New law: Employers assess workplace implications of upcoming laws against domestic abuse, including at work

Employers are considering what changes they need to make to protect workers, while at work, in relationships with people whose behaviour amounts to domestic abuse under upcoming new laws in case it spills into the workplace

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The new law, when it comes entirely into force during 2022, will protect current and past spouses and civil partners, current or past engaged couples, couples in a current or past intimate personal relationship, couples who have (or have had) a parental relationship in relation to the same child, and relatives from domestic abuse.

The definition of ‘domestic abuse’ in this context, already in force, means physical or sexual abuse; violent or threatening behaviour; controlling or coercive behaviour; psychological, emotional, or other abuse; and economic abuse, and it does not matter whether the behaviour consists of a single incident or a course of conduct.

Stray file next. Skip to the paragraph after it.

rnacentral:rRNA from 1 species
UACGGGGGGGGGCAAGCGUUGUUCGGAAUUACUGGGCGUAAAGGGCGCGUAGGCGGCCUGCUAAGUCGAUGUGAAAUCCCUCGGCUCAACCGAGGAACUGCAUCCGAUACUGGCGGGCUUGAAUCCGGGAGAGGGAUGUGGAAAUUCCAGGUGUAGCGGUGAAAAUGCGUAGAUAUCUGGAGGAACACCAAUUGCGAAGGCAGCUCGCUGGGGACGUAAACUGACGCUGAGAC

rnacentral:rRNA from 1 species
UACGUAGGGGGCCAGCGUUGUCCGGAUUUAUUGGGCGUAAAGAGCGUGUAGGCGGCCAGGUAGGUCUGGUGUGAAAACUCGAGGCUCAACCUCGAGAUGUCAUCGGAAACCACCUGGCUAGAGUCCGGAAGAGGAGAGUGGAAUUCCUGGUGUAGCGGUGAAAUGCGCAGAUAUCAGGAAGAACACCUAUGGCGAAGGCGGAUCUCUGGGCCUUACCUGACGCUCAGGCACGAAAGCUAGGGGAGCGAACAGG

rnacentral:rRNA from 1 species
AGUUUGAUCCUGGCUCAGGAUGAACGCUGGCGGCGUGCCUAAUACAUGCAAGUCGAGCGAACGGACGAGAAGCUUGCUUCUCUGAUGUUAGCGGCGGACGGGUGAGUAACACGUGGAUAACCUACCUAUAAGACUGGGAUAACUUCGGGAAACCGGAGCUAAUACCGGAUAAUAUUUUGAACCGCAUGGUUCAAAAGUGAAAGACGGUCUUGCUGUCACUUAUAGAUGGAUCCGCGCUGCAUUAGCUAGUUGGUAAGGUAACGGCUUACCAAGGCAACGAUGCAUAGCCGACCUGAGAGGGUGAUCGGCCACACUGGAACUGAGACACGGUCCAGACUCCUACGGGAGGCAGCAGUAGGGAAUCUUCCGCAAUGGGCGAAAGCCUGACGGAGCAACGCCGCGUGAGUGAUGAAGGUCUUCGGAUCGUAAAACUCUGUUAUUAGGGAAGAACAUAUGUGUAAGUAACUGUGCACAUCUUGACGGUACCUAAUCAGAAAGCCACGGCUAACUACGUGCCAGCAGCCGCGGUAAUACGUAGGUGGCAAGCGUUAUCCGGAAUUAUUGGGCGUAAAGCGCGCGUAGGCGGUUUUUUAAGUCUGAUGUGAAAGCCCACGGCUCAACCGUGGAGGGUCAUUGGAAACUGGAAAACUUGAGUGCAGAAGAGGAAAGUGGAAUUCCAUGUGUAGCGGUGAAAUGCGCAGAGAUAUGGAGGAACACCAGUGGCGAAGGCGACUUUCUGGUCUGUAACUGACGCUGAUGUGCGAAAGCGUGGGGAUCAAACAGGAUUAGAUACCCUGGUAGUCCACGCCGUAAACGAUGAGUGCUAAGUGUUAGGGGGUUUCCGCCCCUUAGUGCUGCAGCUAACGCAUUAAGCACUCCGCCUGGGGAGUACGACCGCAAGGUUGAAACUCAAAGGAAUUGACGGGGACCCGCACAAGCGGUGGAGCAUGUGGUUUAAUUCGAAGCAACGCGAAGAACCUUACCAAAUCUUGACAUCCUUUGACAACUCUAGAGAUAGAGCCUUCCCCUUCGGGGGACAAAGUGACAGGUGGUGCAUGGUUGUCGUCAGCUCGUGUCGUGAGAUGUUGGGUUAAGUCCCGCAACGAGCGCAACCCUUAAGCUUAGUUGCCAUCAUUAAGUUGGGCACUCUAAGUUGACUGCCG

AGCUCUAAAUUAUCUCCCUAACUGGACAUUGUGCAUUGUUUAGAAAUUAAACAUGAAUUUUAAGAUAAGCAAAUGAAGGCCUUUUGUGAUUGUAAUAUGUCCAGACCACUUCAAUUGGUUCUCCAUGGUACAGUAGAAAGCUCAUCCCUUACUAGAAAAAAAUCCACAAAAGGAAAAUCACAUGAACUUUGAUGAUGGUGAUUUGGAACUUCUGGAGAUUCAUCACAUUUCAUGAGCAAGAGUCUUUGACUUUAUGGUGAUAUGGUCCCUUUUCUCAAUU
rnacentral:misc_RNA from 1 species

Particularly, economic abuse is ‘behaviour that has a substantial adverse effect on a person's ability to acquire, use or maintain money or other property, or obtain goods and services’.

These definitions could include actions that affect a target at work and/or be visible to the employer – for example, where the abuser interferes with the target’s work, training, or employment, or arranges for their pay to go into an account controlled by the abuser. Abusive behaviour could also include calling the target at work, or even turning up there, to harass or interrupt them.

Potential targets should ensure their employers are aware if this may happen and employers should be prepared for it.

Employers can refer to the report Workplace support for victims of domestic abuse: Report from review, published in January 2021, which helps employers anticipate and deal with such behaviour.

They can also refer to guidance from the Chartered Institute of Personnel and Development (CIPD - the professional body for HR and people development) and the Equality and Human Rights Commission, ‘Managing and supporting employees experiencing domestic abuse. A guide for employers’ which provides practical ‘key recommendations’ to help employers manage and actively support such employees.

Operative date

  • Now


  • Employers should review their policies and staff training, to ensure relevant staff are equipped to identify and protect workers who may be the subject of domestic abuse while at work.

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